I just this morning read Condoleezza Rice’s report in the July/August issue of Foreign Affairs. Interesting how she reported on our current foreign affair objectives without once showing us how Bush has screwed them all up. For example, on Page 7, she believes that the rise of an alliance of certain unnamed democracies in Asia along with Japan and Australia will counterbalance the increasing influence of China in that region. She forgets to mention that a recent poll in Australia shows that Australians trust China more than they trust America. So much for that alliance.
About Iraq, she writes that “the cost of this war in lives and treasure, for Americans and Iraqis, has been greater than we ever imagined.” (Page 21) I wonder if she or Bush or Cheney ever read any popular magazines, like Newsweek, for example, before they illegally invaded the sovereign nation of Iraq. I recall very clearly reading in many places and hearing on many TV shows just how costly our invasion and occupation of Iraq would be. Were some of our news media more astute and informed than the government which carried on the invasion? Humnnnn? Also under this heading, she failed to mention why we did not, therefore, invade other dictatorships whose practices were worse than Hussein’s.
She also continued to assert the now defunct reason for our invasion of Iraq, that is the presence of weapons of mass destruction in the hands of Saddam Hussein. She did this by going to the fallback position of the Bush administration, that Saddam was willing and ready to reconstitute his invisible weapons of mass destruction. Her assertion was an act of mind reading that surpasses the abilities of all previous American Secretaries of State, beginning with Thomas Jefferson and including James Madison, James Monroe, John Quincy Adams. (Page 21) I wonder if she’ll take up tea reading after her stint in American government?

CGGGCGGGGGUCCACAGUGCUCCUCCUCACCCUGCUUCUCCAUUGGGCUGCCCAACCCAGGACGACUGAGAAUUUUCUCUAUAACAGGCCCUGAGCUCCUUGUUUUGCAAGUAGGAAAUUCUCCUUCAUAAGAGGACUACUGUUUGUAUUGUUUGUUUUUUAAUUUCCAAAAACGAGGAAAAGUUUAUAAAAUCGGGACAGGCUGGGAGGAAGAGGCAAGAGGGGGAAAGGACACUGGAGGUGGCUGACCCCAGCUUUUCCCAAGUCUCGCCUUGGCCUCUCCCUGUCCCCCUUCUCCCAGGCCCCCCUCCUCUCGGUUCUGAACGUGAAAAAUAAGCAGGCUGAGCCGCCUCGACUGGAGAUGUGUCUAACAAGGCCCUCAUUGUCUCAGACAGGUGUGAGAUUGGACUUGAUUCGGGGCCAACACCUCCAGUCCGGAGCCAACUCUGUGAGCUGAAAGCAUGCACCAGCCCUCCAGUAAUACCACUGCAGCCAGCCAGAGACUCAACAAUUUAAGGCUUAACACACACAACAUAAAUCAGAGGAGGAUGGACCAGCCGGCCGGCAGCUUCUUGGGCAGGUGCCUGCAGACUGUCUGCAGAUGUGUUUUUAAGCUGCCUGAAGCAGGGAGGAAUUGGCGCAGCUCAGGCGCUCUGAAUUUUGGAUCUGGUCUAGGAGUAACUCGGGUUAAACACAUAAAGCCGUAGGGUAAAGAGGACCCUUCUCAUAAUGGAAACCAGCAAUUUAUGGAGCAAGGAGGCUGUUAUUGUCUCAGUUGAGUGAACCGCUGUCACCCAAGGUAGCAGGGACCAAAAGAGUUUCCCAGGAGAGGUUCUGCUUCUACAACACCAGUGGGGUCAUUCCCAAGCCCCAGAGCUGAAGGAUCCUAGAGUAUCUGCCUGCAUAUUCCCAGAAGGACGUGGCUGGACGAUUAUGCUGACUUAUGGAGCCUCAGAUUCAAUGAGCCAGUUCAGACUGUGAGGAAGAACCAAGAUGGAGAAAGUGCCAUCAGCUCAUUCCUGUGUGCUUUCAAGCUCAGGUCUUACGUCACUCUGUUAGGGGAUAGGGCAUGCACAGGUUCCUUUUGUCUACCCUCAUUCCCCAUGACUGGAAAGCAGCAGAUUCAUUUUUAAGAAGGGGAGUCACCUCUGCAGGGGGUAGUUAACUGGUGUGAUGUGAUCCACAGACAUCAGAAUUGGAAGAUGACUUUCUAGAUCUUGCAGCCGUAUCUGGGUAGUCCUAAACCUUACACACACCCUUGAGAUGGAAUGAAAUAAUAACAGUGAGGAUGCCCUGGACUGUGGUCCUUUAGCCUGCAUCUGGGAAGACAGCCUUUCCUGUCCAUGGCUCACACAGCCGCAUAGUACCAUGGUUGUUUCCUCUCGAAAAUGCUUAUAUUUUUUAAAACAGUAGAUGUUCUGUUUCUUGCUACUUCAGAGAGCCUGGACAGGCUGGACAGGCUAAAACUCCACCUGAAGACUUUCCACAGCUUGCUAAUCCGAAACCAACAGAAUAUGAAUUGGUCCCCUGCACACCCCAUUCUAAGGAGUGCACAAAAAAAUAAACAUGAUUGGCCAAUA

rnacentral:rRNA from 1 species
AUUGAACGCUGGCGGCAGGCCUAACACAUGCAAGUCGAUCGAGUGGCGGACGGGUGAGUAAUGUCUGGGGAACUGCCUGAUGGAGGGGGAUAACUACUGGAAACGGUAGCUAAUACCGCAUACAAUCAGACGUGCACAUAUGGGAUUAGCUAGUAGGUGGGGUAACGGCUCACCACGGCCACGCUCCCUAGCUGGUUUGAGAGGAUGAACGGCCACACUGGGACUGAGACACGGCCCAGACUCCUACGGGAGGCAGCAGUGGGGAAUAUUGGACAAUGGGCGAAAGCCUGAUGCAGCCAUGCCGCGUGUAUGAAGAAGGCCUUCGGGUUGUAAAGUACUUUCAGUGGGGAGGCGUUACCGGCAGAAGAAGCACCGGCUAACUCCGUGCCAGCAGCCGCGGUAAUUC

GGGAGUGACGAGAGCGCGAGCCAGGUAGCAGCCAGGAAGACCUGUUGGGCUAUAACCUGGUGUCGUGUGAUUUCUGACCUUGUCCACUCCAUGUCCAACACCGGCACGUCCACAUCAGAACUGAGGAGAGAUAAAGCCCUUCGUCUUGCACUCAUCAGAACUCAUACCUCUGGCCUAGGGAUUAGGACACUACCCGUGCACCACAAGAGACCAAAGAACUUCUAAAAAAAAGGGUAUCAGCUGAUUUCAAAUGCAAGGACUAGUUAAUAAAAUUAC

Anyhow, I didn’t mean to make this an endlessly long recapitulation of Rice’s essay in Foreign Affairs. But you might enjoy reading it yourselves. Nowhere does she take Bush/Cheney/Rumsfeld to task for their blunders and failures. I think this failure of nerve on her part makes the entire presentation suspect and weak.
Note how her paragraph, following, would be more honest if she just mentioned how our American values have been most compromised, not by liberals, but by you know who and his lackey and by Republicans in general since the start of the Reagan era:
“Ultimately, however, what will most determine whether the United States can succeed in the twenty-first century is our imagination. It is this feature of the American character that most accounts for our unique role in the world, and it stems from the way that we think about our power and our values. The old dichotomy between realism and idealism has never really applied to the United States, because we do not really accept that our national interest and our universal ideals are at odds. For our nation, it has always been a matter of perspective. Even when our interests and ideals [i.e. under the Bush administration or when Republicans invaded Chile and overthrew a democratically elected government] come into tension in the short run, we believe that in the long run they are indivisible.”